Peretz gets a D in English

New Labor chairman may have the drive and the skills to be a leader, but does he have the English?

amir peretz 88 (photo credit: )
amir peretz 88
(photo credit: )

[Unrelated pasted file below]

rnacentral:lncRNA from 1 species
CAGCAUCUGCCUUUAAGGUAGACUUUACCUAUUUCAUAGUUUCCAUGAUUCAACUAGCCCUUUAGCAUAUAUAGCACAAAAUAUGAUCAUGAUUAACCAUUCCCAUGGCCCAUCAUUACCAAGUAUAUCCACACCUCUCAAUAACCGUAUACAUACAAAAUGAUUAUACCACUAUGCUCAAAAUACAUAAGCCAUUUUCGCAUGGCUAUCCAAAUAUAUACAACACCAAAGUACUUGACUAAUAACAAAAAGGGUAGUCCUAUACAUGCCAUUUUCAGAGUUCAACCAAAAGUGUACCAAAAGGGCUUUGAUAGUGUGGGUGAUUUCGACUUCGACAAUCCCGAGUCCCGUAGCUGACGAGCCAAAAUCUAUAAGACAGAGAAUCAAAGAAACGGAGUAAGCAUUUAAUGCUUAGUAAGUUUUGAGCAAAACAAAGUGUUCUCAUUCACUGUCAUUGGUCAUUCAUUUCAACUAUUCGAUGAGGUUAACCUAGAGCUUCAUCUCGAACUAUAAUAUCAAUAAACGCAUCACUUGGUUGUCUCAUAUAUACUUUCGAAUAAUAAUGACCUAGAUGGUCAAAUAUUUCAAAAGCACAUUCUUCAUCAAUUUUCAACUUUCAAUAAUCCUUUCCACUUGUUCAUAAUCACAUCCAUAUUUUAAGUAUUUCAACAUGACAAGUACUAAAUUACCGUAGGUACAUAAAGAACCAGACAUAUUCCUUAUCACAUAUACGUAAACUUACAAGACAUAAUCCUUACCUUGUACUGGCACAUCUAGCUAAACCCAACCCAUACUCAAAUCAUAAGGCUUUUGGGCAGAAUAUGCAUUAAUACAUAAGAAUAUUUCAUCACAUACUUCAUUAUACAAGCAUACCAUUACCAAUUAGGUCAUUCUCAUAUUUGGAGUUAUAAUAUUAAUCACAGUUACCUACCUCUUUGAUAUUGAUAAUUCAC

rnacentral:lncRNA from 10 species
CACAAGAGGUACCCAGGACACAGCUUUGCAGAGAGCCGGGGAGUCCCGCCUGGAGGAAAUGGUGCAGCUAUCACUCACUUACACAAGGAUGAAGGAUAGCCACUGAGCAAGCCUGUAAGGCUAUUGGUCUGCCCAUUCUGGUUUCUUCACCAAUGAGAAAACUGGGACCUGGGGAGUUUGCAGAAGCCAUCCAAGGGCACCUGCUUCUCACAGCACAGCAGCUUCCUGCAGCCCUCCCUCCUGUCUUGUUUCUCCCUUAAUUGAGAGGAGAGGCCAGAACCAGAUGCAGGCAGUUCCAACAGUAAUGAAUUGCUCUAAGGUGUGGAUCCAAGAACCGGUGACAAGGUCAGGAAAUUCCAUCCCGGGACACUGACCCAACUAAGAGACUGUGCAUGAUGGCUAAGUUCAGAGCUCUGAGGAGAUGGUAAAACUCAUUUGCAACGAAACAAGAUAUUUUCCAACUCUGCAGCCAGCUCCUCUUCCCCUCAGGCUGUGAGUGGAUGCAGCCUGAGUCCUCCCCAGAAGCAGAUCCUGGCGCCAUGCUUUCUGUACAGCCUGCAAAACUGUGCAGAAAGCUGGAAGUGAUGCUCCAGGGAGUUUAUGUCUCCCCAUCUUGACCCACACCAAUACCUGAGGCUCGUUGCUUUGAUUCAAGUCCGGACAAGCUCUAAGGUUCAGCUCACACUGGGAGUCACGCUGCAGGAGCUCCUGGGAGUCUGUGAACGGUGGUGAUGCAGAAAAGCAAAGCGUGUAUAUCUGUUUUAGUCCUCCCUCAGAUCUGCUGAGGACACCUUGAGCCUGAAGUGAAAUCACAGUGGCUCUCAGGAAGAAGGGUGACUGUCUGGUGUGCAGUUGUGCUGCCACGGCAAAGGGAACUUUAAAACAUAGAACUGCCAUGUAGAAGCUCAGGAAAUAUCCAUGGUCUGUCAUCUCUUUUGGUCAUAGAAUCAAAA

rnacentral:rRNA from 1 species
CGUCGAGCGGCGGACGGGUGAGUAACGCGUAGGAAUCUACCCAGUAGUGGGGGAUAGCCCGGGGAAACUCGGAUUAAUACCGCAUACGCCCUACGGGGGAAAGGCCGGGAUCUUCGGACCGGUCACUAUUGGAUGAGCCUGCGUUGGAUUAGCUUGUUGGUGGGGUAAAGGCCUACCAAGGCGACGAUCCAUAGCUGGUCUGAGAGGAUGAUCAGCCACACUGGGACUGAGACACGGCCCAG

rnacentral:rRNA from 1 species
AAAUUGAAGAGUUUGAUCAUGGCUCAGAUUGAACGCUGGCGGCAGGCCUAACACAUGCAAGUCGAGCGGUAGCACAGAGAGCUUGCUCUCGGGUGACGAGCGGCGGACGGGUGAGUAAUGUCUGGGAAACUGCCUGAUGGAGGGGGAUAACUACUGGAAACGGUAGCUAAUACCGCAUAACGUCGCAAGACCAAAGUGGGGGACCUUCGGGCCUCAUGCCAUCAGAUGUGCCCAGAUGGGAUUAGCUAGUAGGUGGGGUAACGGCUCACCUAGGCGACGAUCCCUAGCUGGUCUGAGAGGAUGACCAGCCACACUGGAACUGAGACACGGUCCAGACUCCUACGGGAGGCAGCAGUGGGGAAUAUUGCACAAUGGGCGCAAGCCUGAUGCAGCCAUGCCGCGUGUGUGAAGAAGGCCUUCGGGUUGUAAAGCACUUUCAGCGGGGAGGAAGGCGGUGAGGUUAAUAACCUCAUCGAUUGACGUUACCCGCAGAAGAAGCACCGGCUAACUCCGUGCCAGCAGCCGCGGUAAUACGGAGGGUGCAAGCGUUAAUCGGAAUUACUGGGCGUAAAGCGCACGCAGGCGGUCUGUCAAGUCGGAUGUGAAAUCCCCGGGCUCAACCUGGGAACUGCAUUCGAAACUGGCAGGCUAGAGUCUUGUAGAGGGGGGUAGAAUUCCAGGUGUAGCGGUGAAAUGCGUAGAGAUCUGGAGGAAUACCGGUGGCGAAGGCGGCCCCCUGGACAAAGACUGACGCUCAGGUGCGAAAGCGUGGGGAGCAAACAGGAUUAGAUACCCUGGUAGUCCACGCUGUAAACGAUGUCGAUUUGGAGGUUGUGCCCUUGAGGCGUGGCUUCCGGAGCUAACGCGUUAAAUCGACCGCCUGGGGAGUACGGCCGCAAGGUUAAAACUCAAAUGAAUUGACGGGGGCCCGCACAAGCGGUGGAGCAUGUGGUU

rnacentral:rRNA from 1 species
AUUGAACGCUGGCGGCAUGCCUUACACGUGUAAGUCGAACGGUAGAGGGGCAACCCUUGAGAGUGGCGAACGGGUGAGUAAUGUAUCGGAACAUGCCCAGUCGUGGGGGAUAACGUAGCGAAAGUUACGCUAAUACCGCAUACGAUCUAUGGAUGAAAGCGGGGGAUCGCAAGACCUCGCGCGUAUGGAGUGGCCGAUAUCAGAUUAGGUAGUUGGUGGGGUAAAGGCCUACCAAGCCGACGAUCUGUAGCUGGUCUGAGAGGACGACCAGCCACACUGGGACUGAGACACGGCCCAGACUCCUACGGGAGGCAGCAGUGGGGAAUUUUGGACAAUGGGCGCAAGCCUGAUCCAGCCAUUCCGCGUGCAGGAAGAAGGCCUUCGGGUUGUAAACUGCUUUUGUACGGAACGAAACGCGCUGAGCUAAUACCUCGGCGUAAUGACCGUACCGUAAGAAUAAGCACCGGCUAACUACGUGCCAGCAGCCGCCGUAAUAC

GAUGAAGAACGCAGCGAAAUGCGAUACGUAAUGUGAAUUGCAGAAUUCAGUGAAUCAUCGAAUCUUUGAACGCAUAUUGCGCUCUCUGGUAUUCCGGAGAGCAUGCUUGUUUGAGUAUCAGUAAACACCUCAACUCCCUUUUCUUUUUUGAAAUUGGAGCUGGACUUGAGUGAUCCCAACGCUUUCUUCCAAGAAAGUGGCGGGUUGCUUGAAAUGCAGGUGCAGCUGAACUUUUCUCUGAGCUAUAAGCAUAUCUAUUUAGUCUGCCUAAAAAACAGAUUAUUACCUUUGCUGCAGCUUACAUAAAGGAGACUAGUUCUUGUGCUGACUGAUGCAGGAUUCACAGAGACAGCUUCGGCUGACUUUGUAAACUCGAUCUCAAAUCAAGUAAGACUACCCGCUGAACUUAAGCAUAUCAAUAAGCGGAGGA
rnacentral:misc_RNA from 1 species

New Labor chairman Amir Peretz may have the drive and the skills to be a leader, but does he have the English? A former Foreign Ministry official who heard him speak at a dinner for Yitzhak Rabin Center donors on Sunday night said that Peretz made a fool of himself by mispronouncing, slurring and even skipping words in his speech. He said that Peretz should have spoken in Hebrew as other Israelis did at the event. "It was really embarrassing," the official said. "It was clear to everyone that he didn't have any idea what he was talking about." Yediot Aharonot reported that Peretz had problems with the words 'obligation' and 'gratitude.' When Peretz's office complained about the article, claiming that his English was fine, Yediot posted a clip from the speech on its Web site, so the world could hear Peretz's problems with the language. Asked by an interviewer on Channel 2 TV about his English skills, Peretz said "my English is OK, I spoke to Bill and Hillary Clinton in English." Peretz told the former president that he intended to raise the minimum wage just as Clinton did in order to ease the gap between rich and poor. Clinton responded that raising the minimum wage helped the American economy. An American who came to Israel for the Rabin ceremonies and who heard Peretz speak on Sunday said that he didn't think Peretz was struggling with his English. He said that he has spoken to Peretz in English in the past and had never noticed any problems. "The Israelis might have been uncomfortable, but the Americans didn't have a problem with his English," the American said. "Compared to Yitzhak Rabin's first speech in America when he was Israel's ambassador, Peretz was much more articulate. He speaks in English sentences that are longer than three words. That's more than the president of the United States."